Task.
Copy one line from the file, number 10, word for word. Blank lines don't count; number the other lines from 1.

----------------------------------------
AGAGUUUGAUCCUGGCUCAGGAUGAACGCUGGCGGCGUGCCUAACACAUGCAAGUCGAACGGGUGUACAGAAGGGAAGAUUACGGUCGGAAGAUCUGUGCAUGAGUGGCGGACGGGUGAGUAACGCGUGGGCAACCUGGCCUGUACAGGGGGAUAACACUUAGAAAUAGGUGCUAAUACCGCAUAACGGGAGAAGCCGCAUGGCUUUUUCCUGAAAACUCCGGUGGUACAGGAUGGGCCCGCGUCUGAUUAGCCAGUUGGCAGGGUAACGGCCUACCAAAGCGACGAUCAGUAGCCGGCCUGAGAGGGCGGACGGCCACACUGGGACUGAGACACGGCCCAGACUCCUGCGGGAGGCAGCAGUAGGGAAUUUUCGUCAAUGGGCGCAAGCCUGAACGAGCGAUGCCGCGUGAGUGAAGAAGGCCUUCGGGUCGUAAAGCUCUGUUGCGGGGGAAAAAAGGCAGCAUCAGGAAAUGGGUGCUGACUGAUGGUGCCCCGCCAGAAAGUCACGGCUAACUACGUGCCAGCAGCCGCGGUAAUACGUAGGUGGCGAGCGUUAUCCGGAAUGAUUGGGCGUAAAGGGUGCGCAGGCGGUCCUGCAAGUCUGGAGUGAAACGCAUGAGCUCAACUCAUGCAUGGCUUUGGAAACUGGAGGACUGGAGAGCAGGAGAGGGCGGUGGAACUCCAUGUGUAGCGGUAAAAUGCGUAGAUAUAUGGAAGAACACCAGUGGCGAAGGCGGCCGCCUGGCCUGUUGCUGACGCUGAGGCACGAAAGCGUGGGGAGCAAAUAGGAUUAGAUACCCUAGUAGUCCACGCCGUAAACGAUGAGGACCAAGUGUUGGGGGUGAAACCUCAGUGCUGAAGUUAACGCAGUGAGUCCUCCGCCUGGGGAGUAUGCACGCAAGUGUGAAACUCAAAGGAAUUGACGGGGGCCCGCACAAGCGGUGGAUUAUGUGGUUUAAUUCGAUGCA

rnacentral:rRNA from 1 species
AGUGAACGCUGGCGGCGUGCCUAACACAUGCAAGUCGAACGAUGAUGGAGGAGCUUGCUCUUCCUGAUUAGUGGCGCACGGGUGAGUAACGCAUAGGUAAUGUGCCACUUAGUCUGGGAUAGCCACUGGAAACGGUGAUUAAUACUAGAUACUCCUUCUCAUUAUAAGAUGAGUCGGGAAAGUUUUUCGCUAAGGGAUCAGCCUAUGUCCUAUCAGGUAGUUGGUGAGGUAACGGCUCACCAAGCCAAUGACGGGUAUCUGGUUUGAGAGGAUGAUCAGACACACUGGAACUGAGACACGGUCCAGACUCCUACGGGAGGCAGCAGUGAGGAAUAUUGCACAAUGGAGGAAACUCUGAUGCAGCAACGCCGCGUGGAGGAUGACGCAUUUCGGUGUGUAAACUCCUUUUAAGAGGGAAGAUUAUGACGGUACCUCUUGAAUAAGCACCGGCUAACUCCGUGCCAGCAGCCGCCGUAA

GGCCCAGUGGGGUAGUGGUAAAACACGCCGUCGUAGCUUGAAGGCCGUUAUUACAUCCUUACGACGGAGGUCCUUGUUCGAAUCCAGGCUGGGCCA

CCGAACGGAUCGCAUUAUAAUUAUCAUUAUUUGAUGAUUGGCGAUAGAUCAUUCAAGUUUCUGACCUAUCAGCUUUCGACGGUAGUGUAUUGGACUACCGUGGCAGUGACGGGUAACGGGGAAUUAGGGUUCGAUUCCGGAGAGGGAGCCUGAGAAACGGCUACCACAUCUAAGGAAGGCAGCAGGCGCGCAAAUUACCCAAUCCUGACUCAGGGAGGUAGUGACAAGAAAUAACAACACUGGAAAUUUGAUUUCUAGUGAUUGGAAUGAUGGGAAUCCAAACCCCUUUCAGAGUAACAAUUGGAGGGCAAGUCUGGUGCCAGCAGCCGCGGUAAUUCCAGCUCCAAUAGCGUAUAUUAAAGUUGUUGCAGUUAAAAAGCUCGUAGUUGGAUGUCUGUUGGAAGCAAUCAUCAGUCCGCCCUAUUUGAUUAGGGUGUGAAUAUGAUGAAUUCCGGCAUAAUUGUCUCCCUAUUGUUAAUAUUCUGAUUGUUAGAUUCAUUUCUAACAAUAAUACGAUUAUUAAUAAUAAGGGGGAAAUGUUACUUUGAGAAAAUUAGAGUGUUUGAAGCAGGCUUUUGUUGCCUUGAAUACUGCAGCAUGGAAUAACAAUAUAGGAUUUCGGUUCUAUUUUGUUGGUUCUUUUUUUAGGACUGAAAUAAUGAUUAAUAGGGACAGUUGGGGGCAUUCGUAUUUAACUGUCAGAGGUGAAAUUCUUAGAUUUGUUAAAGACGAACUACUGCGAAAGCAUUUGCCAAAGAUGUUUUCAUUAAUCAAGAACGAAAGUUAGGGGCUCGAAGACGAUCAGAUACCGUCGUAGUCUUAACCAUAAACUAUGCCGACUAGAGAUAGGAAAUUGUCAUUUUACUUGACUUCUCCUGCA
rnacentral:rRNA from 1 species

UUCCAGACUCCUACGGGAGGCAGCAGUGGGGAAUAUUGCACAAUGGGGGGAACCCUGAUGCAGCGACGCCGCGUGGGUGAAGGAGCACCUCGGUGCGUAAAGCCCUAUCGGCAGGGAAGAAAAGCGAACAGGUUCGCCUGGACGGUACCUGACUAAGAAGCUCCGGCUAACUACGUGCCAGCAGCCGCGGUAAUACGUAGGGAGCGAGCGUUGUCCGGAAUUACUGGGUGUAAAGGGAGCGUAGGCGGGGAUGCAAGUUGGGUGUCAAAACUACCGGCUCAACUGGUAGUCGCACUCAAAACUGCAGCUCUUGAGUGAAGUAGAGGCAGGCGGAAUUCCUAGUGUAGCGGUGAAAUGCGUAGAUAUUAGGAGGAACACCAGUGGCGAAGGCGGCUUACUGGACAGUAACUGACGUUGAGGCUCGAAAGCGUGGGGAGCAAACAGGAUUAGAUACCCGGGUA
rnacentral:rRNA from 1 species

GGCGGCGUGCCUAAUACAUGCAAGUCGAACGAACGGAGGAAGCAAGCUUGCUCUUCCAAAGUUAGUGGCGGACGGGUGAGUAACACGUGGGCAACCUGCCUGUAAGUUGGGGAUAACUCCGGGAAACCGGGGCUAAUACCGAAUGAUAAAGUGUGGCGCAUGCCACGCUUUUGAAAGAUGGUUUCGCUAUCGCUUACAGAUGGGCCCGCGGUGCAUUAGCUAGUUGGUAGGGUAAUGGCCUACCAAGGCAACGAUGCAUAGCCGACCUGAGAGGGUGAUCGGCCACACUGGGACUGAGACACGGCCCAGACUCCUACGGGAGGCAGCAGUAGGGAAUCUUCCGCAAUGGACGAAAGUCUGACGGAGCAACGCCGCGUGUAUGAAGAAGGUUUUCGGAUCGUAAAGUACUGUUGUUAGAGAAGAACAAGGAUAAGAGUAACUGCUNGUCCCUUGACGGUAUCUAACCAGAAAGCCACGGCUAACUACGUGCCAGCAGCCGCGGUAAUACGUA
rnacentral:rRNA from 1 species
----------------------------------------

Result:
rnacentral:rRNA from 1 species